BofA to end correspondent lending in 2011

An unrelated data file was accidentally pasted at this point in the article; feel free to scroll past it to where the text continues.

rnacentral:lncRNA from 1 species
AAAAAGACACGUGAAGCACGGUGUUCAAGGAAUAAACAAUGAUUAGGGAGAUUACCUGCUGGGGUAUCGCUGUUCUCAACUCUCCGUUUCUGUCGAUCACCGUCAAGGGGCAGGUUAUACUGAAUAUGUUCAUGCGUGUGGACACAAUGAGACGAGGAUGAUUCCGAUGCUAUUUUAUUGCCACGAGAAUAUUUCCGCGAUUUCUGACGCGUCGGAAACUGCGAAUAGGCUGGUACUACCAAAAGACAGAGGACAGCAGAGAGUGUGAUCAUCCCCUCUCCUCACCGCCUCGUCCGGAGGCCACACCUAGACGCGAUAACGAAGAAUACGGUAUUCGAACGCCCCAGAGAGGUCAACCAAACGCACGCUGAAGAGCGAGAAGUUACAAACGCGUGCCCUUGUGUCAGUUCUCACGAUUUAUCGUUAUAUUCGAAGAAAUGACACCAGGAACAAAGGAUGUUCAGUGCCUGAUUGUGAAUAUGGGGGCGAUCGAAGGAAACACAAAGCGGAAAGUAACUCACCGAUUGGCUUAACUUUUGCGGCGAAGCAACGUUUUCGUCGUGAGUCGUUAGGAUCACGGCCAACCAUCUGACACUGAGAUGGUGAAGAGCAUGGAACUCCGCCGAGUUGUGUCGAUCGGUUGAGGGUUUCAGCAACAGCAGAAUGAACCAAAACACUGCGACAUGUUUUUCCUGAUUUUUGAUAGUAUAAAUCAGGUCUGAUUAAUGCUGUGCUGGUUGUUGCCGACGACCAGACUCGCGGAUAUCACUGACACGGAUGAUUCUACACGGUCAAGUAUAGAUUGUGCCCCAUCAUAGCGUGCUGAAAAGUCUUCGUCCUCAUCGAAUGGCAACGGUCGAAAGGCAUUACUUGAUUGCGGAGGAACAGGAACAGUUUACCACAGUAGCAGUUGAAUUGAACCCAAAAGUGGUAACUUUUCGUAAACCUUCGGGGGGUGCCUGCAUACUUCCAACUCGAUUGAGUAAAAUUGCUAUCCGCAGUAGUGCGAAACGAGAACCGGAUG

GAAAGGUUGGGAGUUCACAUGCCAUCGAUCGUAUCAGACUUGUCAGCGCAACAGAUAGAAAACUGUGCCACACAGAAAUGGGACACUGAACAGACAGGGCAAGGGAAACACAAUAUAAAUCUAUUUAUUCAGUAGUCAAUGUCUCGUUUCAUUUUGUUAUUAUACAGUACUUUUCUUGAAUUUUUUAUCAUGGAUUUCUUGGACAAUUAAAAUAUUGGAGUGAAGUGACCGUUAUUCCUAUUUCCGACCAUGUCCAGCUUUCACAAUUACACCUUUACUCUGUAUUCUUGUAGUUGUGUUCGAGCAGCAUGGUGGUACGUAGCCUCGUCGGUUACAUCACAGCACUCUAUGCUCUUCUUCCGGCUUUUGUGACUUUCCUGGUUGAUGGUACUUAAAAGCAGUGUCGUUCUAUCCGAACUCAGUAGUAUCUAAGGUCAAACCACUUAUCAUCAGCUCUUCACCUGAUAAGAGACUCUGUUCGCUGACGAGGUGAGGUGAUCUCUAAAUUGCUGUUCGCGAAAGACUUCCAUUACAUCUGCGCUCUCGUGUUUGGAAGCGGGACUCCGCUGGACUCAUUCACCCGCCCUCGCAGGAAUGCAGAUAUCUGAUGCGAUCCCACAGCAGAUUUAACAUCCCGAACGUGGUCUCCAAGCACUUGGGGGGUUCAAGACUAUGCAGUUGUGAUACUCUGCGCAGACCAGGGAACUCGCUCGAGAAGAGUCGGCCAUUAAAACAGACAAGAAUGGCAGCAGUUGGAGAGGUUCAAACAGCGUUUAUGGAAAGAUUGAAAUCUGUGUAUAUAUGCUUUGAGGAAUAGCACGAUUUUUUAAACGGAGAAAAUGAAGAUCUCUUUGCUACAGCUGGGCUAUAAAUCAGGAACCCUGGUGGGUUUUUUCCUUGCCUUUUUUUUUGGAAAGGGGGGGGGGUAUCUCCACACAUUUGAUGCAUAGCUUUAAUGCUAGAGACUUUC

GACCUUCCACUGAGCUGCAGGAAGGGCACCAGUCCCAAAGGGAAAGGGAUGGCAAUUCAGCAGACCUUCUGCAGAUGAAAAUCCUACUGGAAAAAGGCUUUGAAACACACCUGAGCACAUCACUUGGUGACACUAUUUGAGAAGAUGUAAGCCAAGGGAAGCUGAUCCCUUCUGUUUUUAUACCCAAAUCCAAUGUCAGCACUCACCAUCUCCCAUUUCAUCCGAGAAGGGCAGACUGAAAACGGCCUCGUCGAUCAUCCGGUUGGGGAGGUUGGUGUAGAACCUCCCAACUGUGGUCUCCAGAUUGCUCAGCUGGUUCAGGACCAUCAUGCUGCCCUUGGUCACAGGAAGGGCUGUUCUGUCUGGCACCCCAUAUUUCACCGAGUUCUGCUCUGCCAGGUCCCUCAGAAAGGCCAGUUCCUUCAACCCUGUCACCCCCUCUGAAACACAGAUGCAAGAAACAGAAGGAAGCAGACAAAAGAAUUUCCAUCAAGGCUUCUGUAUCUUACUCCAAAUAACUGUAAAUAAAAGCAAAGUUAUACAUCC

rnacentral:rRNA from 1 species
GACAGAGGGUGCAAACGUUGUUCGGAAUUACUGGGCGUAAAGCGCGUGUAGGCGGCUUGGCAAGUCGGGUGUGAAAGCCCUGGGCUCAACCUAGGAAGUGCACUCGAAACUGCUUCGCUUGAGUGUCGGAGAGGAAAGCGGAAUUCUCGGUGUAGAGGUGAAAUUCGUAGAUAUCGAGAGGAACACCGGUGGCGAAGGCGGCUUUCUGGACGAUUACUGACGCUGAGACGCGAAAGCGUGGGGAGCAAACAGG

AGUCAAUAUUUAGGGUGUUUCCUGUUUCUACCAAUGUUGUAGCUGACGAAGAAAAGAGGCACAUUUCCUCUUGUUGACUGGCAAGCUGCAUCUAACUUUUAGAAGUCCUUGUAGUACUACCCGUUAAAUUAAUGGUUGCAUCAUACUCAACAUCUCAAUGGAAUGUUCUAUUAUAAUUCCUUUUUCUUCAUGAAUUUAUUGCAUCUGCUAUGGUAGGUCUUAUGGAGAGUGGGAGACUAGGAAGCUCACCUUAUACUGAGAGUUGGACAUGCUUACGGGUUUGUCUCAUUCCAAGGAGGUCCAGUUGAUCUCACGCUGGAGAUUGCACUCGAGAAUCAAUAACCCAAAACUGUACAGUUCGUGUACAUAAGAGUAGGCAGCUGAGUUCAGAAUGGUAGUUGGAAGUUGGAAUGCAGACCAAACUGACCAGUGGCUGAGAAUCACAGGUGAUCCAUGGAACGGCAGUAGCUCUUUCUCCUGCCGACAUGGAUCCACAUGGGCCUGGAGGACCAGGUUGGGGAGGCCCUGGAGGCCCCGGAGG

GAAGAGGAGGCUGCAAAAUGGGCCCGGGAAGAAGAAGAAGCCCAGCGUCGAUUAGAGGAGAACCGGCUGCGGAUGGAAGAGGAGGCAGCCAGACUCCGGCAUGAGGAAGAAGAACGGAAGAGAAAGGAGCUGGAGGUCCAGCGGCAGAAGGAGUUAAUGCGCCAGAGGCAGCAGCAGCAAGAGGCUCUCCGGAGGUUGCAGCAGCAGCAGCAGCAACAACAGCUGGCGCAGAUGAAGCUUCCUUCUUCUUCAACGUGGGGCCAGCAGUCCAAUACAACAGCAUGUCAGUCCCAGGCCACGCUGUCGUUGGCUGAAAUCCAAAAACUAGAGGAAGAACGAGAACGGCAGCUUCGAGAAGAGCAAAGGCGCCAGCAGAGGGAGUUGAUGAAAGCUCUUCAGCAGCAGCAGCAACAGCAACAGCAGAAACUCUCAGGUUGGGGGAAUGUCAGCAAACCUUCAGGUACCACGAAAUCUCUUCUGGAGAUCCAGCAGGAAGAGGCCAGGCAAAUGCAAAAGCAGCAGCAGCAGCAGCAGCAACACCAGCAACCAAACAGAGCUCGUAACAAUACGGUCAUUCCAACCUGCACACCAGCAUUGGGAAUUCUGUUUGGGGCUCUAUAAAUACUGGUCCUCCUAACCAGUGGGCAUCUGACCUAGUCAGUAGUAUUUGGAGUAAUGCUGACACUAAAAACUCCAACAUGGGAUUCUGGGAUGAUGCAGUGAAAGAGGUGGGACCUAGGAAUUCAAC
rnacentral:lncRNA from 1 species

Bank of America (BAC) will wind down its correspondent lending channel by the end of 2011. The bank said in August it would close the department if it could not be sold. A spokesman for the banking giant confirmed to HousingWire Tuesday that the 1,200 correspondent lending associates will be moved to other departments. As a first step, roughly 100 at the Westlake Village branch in California will move to the BofA legacy asset division during the week of Oct. 17. The legacy asset division is grappling with $1 trillion in soured mortgages and securities written prior to the 2008 acquisition of Countrywide Financial Corp. "Bank of America Home Loans plans to exit the Home Loans correspondent mortgage lending channel and focus entirely on retail distribution for its mortgage products and services," the spokesman said. "Pursuing this path enables Bank of America with the opportunity to align resources to its direct-to-consumer channel and focus on its strategy of deepening relationships and acquiring new customers through mortgage sales and services." Correspondent lenders provide a mortgage to a borrower and then sell the loan to another institution, typically through a warehouse line of credit. These lenders underwrite and approve their own loans, which gives them as much freedom as risk. The investor can remove the warehouse line and even force a correspondent lender to repurchase bad loans. BofA clarified there would be no immediate change for its warehouse lending clients. National Mortgage News reported Tuesday on the banks' decision to close its correspondent lending operations, citing unnamed sources. Write to Jon Prior. Follow him on Twitter @JonAPrior.